LONDON (AFP) - World heavyweight champion Tyson Fury on Wednesday escaped punishment for his controversial remarks on women, homosexuality and abortion with British boxing chiefs backing his right to free speech.
Fury faced a backlash for the comments he made before and after his victory over Wladimir Klitschko in November to capture the WBA, IBF and WBO heavyweight titles. But the British Boxing Board of Control (BBBoc) said they could not sanction the fighter as he hadn't broken the law.
"Tyson Fury has made comments in the media that have caused offence to members of our society. However, there is no suggestion that he has broken the law by exercising his right to freedom of expression," said a statement by the governing body.
"In such circumstances, the stewards of the British Boxing Board of Control have been advised that it cannot interfere with his basic human rights.
"Having said that, the stewards made it clear to him that as world heavyweight champion, arguably the holder of the most prestigious title in sport, there are heavy responsibilities upon him to avoid making controversial, non-boxing comments.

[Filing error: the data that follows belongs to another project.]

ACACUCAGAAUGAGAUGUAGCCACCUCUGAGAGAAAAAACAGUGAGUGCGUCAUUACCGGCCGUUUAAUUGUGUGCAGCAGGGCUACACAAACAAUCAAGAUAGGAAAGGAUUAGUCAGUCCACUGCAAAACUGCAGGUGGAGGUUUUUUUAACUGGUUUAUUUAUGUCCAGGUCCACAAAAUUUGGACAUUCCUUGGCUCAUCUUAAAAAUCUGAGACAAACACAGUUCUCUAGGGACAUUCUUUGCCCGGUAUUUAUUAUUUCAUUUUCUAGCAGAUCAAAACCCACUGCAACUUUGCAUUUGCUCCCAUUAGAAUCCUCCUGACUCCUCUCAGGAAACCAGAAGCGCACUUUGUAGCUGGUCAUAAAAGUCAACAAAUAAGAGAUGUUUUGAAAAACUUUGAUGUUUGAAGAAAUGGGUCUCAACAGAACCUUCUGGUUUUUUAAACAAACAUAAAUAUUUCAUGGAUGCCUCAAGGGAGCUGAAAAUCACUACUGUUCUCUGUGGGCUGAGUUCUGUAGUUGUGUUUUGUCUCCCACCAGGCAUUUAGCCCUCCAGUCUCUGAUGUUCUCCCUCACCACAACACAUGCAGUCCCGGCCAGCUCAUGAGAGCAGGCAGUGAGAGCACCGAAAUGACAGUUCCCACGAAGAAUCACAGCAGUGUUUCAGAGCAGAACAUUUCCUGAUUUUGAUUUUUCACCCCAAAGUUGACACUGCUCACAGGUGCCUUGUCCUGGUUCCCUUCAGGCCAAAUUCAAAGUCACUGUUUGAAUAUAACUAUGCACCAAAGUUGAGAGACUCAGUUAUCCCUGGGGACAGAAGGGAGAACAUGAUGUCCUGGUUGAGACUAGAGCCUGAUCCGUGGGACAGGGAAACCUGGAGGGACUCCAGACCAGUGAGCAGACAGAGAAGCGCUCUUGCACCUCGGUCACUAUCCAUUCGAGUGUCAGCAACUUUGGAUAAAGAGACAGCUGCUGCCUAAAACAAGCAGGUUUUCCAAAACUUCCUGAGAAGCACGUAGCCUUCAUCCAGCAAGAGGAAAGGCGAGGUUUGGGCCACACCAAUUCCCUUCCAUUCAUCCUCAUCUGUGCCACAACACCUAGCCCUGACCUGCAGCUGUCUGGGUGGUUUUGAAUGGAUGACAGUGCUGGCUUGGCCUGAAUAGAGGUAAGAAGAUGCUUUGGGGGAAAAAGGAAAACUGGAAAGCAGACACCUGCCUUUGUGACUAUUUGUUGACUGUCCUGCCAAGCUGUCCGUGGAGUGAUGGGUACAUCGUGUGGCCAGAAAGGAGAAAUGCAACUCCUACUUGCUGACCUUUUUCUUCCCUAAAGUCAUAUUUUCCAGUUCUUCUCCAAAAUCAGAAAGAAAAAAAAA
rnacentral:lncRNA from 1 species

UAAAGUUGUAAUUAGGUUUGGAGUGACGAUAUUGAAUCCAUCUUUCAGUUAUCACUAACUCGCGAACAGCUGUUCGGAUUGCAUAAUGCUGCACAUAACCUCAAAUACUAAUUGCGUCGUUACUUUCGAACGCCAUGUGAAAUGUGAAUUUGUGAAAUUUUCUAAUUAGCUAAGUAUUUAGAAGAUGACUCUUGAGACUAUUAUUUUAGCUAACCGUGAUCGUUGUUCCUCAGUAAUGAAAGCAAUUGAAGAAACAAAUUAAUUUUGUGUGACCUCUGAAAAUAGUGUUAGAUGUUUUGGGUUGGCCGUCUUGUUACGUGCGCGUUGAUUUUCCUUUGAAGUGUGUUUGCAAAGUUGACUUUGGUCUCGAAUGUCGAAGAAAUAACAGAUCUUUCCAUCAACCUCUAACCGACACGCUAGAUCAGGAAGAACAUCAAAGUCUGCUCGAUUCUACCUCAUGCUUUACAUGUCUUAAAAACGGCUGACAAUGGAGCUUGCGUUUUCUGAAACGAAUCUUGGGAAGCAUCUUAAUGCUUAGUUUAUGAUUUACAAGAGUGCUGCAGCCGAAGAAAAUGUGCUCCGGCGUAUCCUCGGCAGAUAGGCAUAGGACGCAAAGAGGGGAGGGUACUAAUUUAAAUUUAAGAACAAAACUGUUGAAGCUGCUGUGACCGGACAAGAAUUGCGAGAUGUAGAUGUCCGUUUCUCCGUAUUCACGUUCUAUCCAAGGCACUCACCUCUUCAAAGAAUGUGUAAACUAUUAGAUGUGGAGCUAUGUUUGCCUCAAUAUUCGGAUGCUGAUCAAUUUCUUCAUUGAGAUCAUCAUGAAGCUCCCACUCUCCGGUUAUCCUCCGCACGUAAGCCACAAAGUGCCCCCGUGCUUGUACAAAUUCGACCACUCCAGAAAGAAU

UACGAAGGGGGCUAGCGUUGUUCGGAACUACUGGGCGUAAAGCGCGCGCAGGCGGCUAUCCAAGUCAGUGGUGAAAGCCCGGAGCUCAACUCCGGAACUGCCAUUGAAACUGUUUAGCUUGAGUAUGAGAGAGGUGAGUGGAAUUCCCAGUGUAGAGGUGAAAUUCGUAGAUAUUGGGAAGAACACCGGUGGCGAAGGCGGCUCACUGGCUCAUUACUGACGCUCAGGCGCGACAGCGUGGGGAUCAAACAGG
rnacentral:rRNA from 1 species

"He has assured the stewards that he understands the responsibilities upon him and has expressed regret that he has caused offence to others, which was never his intention."
Fury, 27, was widely condemned for his remarks in a December interview and was briefly the subject of a police investigation.
"Homosexuality, abortion and paedophilia - them three things need to be accomplished before the world finishes. That's what the Bible tells me," he said.
Fury also stated that a woman's place was "in the kitchen and on her back".
But in a further interview, he denied that he was sexist or homophobic.
"I'm not a homophobe, I'm not a sexist, I'm not any of those," he said. "I'm not a bigot, I'm not a racist, I am a gypsy. I've (had people) being racist towards me for the past 27 years."